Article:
Judge rejects challenge to GM restructuring plans
Tuesday 07 July 2009
An American bankruptcy court judge has approved the government-brokered restructuring of General Motors, less than a month after a financial restructuring of rival Chrysler was also rubber-stamped by the US legal system.
With bondholders in the automakers still complaining that the administration had ridden roughshod over established bankruptcy law to push through its rescue of the US car industry, Judge Robert Gerber said that the proposed sale of GM's assets was the only option to "prevent the death of the patient on the operating table".
Under the plan, GM's best assets are being sold to a "new GM" that will be majority-owned by the US taxpayer. A union-run trust will own 17.5 per cent of the company, to fund healthcare benefits for employees. Investors holding $27bn of GM bonds will get just 10 per cent, and no cash.
"The US Treasury, in making hard decisions about where to spend its money and make 'new GM' as viable as possible, made business decisions that it was entitled to make," Judge Gerber wrote, in a 95-page judgment released late on Sunday.
"As nobody can seriously dispute, the only alternative to an immediate sale is liquidation – a disastrous result for GM's creditors, its employees, the suppliers who depend on GM for their own existence, and the communities in which GM operates," he went on. "In the event of a liquidation, creditors now trying to increase their incremental recoveries would get nothing."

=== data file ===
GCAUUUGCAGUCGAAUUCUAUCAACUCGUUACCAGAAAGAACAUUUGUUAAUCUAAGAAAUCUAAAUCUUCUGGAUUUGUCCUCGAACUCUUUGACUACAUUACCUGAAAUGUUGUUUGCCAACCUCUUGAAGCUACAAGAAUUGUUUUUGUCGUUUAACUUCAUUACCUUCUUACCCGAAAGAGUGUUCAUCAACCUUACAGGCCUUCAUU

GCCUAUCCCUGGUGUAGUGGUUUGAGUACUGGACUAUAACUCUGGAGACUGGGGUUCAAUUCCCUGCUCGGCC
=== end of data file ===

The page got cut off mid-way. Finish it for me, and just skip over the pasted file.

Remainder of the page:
A group calling itself the Unofficial Committee of Family & Dissident GM Bondholders had argued that the government had been overbearing in its negotiations with bondholders. Other opposition groups included some of GM's dealerships, 40 per cent of which will be closed under the plan, and the victims of accidents involving GM cars. Accident litigants filed an appeal against Judge Gerber's ruling yesterday. The sale has been stayed four days to allow for higher courts to examine the sale.
The sale of Chrysler to Italy's Fiat was agreed last month, after bondholders took their opposition all the way to the US Supreme Court.
- 1 If you're not already angry about the refugee crisis, here's a history lesson to remind you why you really should be
- 2 Moscow voted the world's unfriendliest city
- 3 Idris Elba is ‘too street’ to play 007, says James Bond author
- 4 Pansexual: What is it - and when did the term gain popularity?
- 5 I'm pansexual – here are the five biggest misconceptions about my sexuality
Climate change: 2015 will be the hottest year on record 'by a mile', experts say
Jeremy Corbyn calls Osama bin Laden's killing a 'tragedy' - but was it taken out of context?
Tony Blair attacks Jeremy Corbyn's 'Alice In Wonderland' politics
Theresa May says migrants should be banned from entering the UK unless they have jobs lined up
Iain Duncan Smith 'should resign over disability benefit death figures', says Jeremy Corbyn
If you're not already angry about the refugee crisis, here's a history lesson to remind you why you really should be
iJobs Money & Business
£20000 - £25000 per annum: Recruitment Genius: We are a vibrant and establishe...
£15000 - £20000 per annum: Recruitment Genius: An experienced Repayments Advis...
£25000 - £30000 per annum: Recruitment Genius: This leading provider of financ...
£20000 - £25000 per annum + competitive: SThree: Are you looking to take your ...